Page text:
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Weekly Reviews: The Power of Words
Why do some words have more power than others? Today we look at two very different ways of looking at that crucial question. The first, Melissa Mohr’s Holy Shit, is an earnest, well-researched history of the most powerful words in the English language: curse words. Some people (for example, me) have tried to claim that swearing is just another form of expression, and should have no more power than any other type of words. Far from validating this viewpoint, Mohr maps the dual paths of the two main types of curse words, and explains how these words came to have their peculiar power–even going so far as to show that these words have a direct, measurable effect on our brain patterns. The history itself is fascinating, and of course the subject matter is one that is close to the heart of many a teen. And for anyone who cares to object to the strong language, I would just say that Mohr handles these words with considerable delicacy and is never salacious–only information and (often) very funny.
From a completely different angle, Max Barry’s Lexicon takes the concept of the power of words to its fantastical extreme. Here, certain words have magical powers of persuasion and a group of “poets” is out to find out what these words are. Lexicon has been getting a ton of well-deserved buzz over the past month or so, and it is our starred review of the week.
MOHR, Melissa. Holy Shit: A Brief History of Swearing. 368p. index. photos. reprods. Oxford. May 2013. Tr $24.95. ISBN 978-0-19-974267-7. LC 2012034513.
Adult/High School–Mohr explains that her title represents the two primary strains of “bad language” for most of the history of the English language: religious profanities and bodily obscenities. After two chapters outlining the origins of these strains of swearing in, respectively, the Bible and ancient Roman culture, she takes readers on a chronological tour of English swearing. In its broad outlines, Mohr sees this history as a gradual descent of the power of religious oaths and ascent of sexual and excretory obscenities. In Old and Middle English, the worst words in the English language were true profanities–vain oath’s on God’s name. Many of the words we consider to be the language’s worst were used entirely without shock-value, simply as the correct word for a body part or function. But with the beginnings of a real sense of privacy (and a concomitant growth of a sense of shame in one’s body) in the late Renaissance, words for bodily functions began to be seen as even more shameful. Finally, in the latter half of the 20th century, an entirely new category of swear words arose: racial and ethnic slurs. Mohr handles this long and in some cases poorly documented history with considerable aplomb–though as with any history spanning more than 1000 years there are some unfortunate generalizations–and a wonderful sense of humor. From its title on, this book is not for the faint of heart, but teens interested in the history of one of their favorite activities should find much to ponder here.–Mark Flowers, John F. Kennedy Library, Vallejo, CA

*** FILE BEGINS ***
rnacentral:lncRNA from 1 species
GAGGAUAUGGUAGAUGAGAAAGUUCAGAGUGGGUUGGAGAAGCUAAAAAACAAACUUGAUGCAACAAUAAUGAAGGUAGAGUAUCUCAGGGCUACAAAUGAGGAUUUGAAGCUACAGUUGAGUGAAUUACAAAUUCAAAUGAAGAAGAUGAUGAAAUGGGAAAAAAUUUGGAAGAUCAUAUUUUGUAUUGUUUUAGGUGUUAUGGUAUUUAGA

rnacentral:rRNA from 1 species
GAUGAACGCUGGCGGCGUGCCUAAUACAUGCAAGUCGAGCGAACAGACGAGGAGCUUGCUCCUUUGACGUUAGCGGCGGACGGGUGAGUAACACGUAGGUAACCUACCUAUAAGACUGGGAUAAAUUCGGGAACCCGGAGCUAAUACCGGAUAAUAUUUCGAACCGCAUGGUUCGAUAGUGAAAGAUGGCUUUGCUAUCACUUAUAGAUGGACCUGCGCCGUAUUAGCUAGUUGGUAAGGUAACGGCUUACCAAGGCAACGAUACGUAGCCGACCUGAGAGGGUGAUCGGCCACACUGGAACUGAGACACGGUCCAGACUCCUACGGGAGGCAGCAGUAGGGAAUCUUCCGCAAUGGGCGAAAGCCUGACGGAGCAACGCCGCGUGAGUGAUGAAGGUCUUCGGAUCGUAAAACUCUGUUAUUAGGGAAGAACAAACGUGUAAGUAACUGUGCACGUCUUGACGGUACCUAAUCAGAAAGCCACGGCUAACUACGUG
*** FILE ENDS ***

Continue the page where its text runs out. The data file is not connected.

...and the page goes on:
* BARRY, Max. Lexicon. 377p. Penguin. June 2013. Tr $26.95. ISBN 9781594205385; ebook available.
Adult/High School – Sixteen year-old Emily Ruff has a cunning way with words. She needs it to survive on the streets, luring patsies to play cards with her while tricking them out of their money. Her life is completely transformed, however, when she is selected to attend an elite school for “poets,” masters of word strings that powerfully affect the human mind. Emily proves to be so proficient at this that the poets exile her to the remote Australian town of Broken Hill in an attempt to contain her power. Wil, a young Australian man, is being tortured by poets to revive memories of a forgotten past. They suspect that his memory has been wiped clean by the utterance of a “bare word.” This word is extremely difficult to find, but can bestow unimaginable powers of persuasion. Indeed, a bare word is believed to have incited 3000 residents of Broken Hill to tear each other apart. The plot thickens and twists and surges forward in this ingenious story about a misguided group of wordsmiths who kill easily and frequently in their quest to retrieve the elusive bare word. Smart, funny, madcap, and tragic, Lexicon will appeal to readers who love the nonstop suspense of Cory Doctorow’s Little Brother (Tor Teen, 2010) or Ernest Cline’s Ready Player One (Crown, 2011), but Lexicon comes sweetened with a charming love story as well.-Diane Colson, formerly of Palm Harbor Library, FL
Filed under: Nonfiction, Science Fiction, Weekly Reviews
About Mark Flowers
Mark Flowers is the Young Adult Librarian at the John F. Kennedy Library in Vallejo, CA. He reviews for a variety of library journals and blogs and recently contributed a chapter to The Complete Summer Reading Program Manual: From Planning to Evaluation (YALSA, 2012). Contact him via Twitter @droogmark
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